Asset Valuation: Stock and Market Efficiency

Chapter 9

Computing the Price of
Stock:

Done the same way as any
other asset

Compute the PV of the cash
flows

Preferred Stock:

Pays a constant dividend
forever (a perpetuity)

The PV of a perpetuity is
the cash flow divided by the interest rate.

Example

What is the price of a share of preferred stock that pays a constant $3.00 dividend if the appropriate discount equals 10%?

P_{preferred} = PV / K_{P}

Solution

P =
$3.00 / .10 = $30.00

Common Stock:

The
cash flows from common stock will be the dividends and the final sales price.

One
Period Dividend Model:

Assume
you will receive one dividend payment and a final sales price

P_{0} = __Div___{1}__ P___{1}

1+i 1+i

Example

What
should you pay for stock that will pay a $1.00 dividend and can be sold for
$20.00 in one year assuming a 10% required return?

Solution

P_{O}
= $1 / 1.10 + $20 / 1.10

= $21 / 1.10 = $19.09

The Generalized Dividend
Valuation Model

Shows
the value of stock to equal the present value of the dividends it will
generate.

The
Final Sales Price:

Using
the one period model, the final sales price can be replaced with a stream of
dividends.

This
substitution can continue until the final sales price is pushed so far into the
future as to be insignificant.

Generalized
Dividend Model:

The
Gordon Growth Model:

If
we assume dividends will grow at a constant rate, We can reduce the generalized
dividend model to a simpler equation called the Gordon Growth Model.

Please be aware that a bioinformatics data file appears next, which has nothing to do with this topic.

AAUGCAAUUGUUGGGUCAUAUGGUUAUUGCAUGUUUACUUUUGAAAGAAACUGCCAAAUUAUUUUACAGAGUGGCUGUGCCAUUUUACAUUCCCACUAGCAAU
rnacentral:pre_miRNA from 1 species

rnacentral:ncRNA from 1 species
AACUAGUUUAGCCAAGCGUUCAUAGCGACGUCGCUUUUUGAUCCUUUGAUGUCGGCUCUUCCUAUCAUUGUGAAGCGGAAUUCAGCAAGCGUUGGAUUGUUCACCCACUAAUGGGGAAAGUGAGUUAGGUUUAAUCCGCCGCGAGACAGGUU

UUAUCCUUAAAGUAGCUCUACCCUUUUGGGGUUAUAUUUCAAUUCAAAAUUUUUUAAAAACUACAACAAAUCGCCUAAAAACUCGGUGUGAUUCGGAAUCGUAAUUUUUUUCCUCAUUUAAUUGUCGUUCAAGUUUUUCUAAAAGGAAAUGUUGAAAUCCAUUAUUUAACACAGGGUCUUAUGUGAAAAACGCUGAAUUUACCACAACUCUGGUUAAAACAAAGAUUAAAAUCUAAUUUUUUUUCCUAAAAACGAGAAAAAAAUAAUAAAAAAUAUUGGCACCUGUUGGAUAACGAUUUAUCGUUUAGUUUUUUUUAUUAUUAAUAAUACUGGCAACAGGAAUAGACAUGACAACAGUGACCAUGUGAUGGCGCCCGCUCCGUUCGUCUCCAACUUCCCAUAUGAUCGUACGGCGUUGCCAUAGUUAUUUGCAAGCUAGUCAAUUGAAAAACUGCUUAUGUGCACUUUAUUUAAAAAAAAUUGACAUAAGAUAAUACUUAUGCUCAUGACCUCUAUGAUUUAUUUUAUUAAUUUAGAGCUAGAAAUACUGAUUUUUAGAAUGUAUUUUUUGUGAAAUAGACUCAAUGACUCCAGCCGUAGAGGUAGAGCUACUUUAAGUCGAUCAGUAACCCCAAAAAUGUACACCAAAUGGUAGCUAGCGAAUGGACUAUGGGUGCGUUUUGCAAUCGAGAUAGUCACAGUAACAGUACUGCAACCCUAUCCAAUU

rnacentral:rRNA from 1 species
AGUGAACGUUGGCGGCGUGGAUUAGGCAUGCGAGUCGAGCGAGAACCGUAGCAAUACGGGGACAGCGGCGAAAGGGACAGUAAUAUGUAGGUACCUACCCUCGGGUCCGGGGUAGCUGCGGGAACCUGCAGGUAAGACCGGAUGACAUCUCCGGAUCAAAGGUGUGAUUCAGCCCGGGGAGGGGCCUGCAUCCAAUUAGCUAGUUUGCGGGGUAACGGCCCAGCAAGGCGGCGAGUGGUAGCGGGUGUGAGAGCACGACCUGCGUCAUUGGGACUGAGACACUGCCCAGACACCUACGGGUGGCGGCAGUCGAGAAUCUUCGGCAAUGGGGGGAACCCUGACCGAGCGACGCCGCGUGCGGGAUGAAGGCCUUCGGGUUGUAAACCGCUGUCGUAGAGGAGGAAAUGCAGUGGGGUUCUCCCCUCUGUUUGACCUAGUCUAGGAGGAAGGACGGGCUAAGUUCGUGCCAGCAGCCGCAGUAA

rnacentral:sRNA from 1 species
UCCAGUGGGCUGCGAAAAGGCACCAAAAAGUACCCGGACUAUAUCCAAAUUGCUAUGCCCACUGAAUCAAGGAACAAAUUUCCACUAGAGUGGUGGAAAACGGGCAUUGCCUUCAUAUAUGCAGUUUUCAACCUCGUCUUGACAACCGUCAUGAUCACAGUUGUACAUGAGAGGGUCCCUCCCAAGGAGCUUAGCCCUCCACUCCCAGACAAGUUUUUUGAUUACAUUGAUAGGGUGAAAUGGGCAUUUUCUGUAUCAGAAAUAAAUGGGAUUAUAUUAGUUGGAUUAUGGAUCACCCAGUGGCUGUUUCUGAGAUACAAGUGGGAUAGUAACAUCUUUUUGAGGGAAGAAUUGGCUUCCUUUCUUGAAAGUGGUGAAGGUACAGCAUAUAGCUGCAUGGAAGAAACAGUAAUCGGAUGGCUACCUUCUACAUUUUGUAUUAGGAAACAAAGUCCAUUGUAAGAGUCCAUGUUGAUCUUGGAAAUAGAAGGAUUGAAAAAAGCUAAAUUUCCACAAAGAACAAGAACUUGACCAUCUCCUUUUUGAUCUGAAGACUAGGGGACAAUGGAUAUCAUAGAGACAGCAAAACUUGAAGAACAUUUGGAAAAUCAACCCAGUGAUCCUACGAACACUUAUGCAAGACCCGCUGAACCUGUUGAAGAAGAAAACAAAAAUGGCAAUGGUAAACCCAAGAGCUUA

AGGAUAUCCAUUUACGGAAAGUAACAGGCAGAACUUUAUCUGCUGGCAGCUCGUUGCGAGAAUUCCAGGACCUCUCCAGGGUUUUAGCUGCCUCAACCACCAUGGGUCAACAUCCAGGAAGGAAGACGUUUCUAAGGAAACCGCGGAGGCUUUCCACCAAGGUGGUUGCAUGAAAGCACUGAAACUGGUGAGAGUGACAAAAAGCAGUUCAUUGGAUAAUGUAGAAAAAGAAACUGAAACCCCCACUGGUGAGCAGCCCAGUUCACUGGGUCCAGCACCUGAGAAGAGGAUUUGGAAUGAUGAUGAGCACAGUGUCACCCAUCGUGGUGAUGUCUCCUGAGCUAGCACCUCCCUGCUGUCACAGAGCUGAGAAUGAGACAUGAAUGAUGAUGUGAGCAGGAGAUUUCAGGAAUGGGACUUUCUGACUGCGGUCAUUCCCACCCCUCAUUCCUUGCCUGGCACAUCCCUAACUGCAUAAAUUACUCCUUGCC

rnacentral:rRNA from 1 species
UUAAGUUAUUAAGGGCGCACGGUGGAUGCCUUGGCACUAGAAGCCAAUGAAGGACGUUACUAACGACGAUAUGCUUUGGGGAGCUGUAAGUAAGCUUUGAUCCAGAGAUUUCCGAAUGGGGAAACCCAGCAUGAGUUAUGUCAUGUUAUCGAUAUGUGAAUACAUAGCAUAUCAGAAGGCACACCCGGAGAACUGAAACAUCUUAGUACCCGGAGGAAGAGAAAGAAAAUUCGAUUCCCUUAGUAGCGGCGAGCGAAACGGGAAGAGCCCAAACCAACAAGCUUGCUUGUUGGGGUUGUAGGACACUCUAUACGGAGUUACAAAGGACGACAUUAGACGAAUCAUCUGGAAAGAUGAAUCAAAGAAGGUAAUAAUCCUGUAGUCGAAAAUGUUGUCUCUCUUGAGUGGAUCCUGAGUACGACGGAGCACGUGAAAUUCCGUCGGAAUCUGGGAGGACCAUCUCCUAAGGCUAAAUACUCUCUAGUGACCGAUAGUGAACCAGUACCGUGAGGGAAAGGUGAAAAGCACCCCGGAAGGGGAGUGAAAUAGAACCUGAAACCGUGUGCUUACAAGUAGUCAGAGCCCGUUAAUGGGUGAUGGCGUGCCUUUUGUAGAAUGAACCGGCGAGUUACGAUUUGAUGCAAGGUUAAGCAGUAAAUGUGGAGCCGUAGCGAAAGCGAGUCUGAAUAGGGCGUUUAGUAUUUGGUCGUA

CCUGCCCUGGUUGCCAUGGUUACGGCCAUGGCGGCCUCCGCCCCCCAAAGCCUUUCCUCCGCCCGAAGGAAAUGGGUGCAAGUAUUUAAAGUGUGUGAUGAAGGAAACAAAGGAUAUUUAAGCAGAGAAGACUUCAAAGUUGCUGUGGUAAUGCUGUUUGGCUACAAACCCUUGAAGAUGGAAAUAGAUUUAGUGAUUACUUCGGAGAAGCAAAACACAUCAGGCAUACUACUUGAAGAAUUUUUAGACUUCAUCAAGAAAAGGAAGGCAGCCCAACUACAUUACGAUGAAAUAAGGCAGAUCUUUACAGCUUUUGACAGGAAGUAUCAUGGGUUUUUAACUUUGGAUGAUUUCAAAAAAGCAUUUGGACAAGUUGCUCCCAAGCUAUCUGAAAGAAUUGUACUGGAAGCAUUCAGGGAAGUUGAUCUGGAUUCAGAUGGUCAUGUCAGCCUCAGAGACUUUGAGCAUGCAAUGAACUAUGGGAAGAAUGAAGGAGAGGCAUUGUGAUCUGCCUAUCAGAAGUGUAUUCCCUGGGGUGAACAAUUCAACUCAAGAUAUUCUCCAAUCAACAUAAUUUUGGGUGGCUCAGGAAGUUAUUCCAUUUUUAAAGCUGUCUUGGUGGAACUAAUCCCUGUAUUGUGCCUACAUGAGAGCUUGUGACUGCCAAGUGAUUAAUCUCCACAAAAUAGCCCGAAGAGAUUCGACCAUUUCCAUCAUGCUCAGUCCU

The Gordon Growth Model:

PO = __ D1 __

i g

Example

What
is the price of a share of stock expected to pay a $2.00 dividend next year if
it will grow

at 5% per year and the required return is 10%?

Solution

PO = __ 2 __ =
__$2.00__ = $40.00

.10 .05 .05

The Discount Rate used by
the Gordon Growth Model

Is
the required return

It
can be computed using the CAPM

Non-Constant Growth

It
may be possible to estimate the next few dividends.

After
which, the best that can be done is to estimate an average constant growth
rate.

Example

What
is the price of stock if the next dividend is $2.00, the one after that is
$3.00, and then the dividends grow at a constant 5%, assuming a 10% required
return?

Solution

Draw
a timeline:

2 3 3.15

|---||||

5%

P_{O} = __ $2 __ + __ $3
__ +_{( } __ $3.15 __ _{)} χ
(1.10)^{2 }

1.10 (1.10)^{2}
.10 .05

P_{O} = 1.82 + 2.48 + 52.07 = 56.37

Valuation using PE method:

Estimate expected earnings

Determine an industry
average PE

P_{O} = PE E

Example

Next
years earnings are expected to be $3.00 per share. If the industry average PE ratio is 16, what should the price of
the stock be?

Solution

16
$3.00 = $48.00

Why are stock prices so
volatile?

Because the inputs to
valuation models are so uncertain.

nvestors dont know what
future dividends, growth or earnings will be.

It is even difficult to
determine required return.

If a change in the markets estimate of any input changes:

The value of the stock will
change.

Economic data is released to
the public daily, and stock prices must adjust to this information.

How accurately and quickly
the market adjusts to new information

All prices accurately
reflect all that is known about a security

If markets are efficient, an
investment in Apple computer stock is as good as an investment in Microsoft
stock.

Consider the following graph
. . .

If the stock provides a
return higher than other stocks with similar risk, investors will buy it.

This will cause the price to
rise, thus lowering its return.

This will continue until the
return matches other similar investments.

What
does market efficiency say about predicting future stock prices?

Answer

In
an efficient market, historical trends do not predict future prices.

The Degrees of Efficiency:

1. Weak form of market efficiency: All historical information is reflected in the stock price.

2. Semi-Strong form of market efficiency: All public information is reflected in the
stock price.

3. Strong form of market
efficiency: All information is
reflected in the stock price.

The evidence is mixed . . .

Test of Market Efficiency:

Recent evidence suggests CAPM may not fully explain required returns.